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How-To

Grill a Juicy Burger; Top It To Your Taste

A refresher course on perfectly grilled burgers—with inspiration for savory toppings that make them even better

Fine Cooking Issue 45
Photos: Amy Albert
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Choosing the right ground meat, shaping it, managing the fire, and cooking to the right doneness are all critical when it comes to making great hamburgers, and it does take some attention to get all that right. But after you’ve mastered the basic burger, you may find yourself wanting more and striving for ways to make your burgers even more delicious. As a burger lover and a chef, I’m continually on that quest—especially when summer comes.

I’ve learned that the key to irresistible, memorable burgers can lie in the embellishments. So, first, here’s a quick refresher on making and grilling burgers that are full of flavor and cooked to your liking. And then, there are ideas for condiments that will give the burgers your own trademark and that will take the classic American backyard fare to a more delicious and sophisticated level. (I’ve even included the recipe for my killer tomato-­chipotle ketchup.)

Use ground chuck that’s not too lean and not too fatty

When you’re shopping for ground beef, you’ll find ground round (from the hind leg), ground sirloin (from the small end of the back), and ground chuck (from the shoulder). I prefer chuck, but round is next, and sirloin (the leanest of the three) is next on my list. The fat content in ground chuck ranges from 10% to 22%, the maximum allowed by government standards. On the package, it may be the percentage of lean, rather than of fat, that’s on the label.

For a lot more flavor with just a little more fat, select 85% lean ground chuck. I’ve found that 80% lean makes tasty grilled burgers but it can also cause grill flare-ups from fat drippings, as well as noticeable shrinkage during cooking. On the other hand, I find hamburgers made with 90% lean to be pretty dull. A certain amount of fat brings additional flavor to whatever you’re cooking, and the meat for burgers is no exception.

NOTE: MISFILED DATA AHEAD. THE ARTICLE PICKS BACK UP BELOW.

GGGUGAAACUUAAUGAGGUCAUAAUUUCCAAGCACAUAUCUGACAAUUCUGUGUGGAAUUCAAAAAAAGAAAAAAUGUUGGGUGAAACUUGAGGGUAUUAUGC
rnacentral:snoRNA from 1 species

Simplicity makes the best burger

Ground chuck and salt and pepper are all that go into Steve Johnson’s burgers. He uses 85% lean for flavor without flare-ups.
Gentle mixing—not squeezing—will produce a tender, juicy texture.
A generous patty that’s not too tall—between 1 and 1-1/4-inches thick—will cook evenly and fit well on the bun.

Light a hot grill, but not too hot

Building a fire for burgers isn’t any different than building a fire for steaks or other food you’ll grill quickly. I’m a charcoal fire purist, but you can certainly grill burgers on a gas grill, too.

For best aroma and flavor, I like a combination of hardwood logs and lump charcoal to build my charcoal fire. I use these both at home and at the restaurant, but if you don’t have logs, an all-charcoal fire is certainly okay. Skip the starter-impregnated charcoal briquettes, which impart an unpleasant, petrochemical flavor; instead, use the stuff labeled lump hardwood charcoal.

Build a fire that offers different levels of heat intensity. Arrange an even layer of unlit coals across the bottom of the grill, rather than a pyramid in the middle. Light one side of the coals (or empty a chimney starter full of hot coals over one side) and let the fire “walk” across the coals. This way, when one area is hot, another will be medium hot. Think of the walking fire as the equivalent of the control knob on your range. You’ll have better control over what you’re cooking, and an area to move food to if flareups occur.

If you’re using a gas grill, set one burner to medium high and the other to medium low, and then add some wood chips for smoky flavor. (Always put the wood chips in a metal or foil container; left loose, they can clog the gas connection.)

The fire is about the right temperature for cooking hamburgers when you can hold your hand two inches above the grill grate for two seconds without yanking it away.

The beef’s just half the equation. “Once I’ve got the grill going, I turn my attention to concocting tasty toppings, ” says Steve Johnson.

When is my hamburger done?

 


Basic seasonings, generous toppings

After you’ve lit the fire, you can turn your attention to seasoning and shaping the burgers, and to preparing the toppings and condiments before you get on with the grilling.

As far as seasoning the meat, all you need are salt and pepper; save the bold flavors for the toppings. Let the suggestions below be your inspiration and take it from there. Think of ingredients, flavors, and condiments you really love. Grilled or roasted vegetables, cheeses, meats, greens, and herbs are all delicious. Try your favorite salsa, tapenade, or a spicy homemade ketchup. For cheeseburgers, lay a medium-thin slice of cheese on during the burger’s final minute or two of cooking, so the cheese begins to melt. My favorites for cheeseburgers are good New England cheeses like Great Hill Blue from Marion, Massachusetts, or a sharp Vermont cheddar like Shelburne Farms.

As for buns, store-bought ones are fine, quickly and lightly toasted on the gentle-heat side of the grill. With due respect to a slice of great bread, it just doesn’t cradle a burger as well as a bun does. And rolls are too bulky a mouthful, overpowering the juicy meat and savory toppings. After all, it’s about the burger.

Customize your burgers. Steve Johnson’s favorite condiments include chipotle ketchup and marinated onions.

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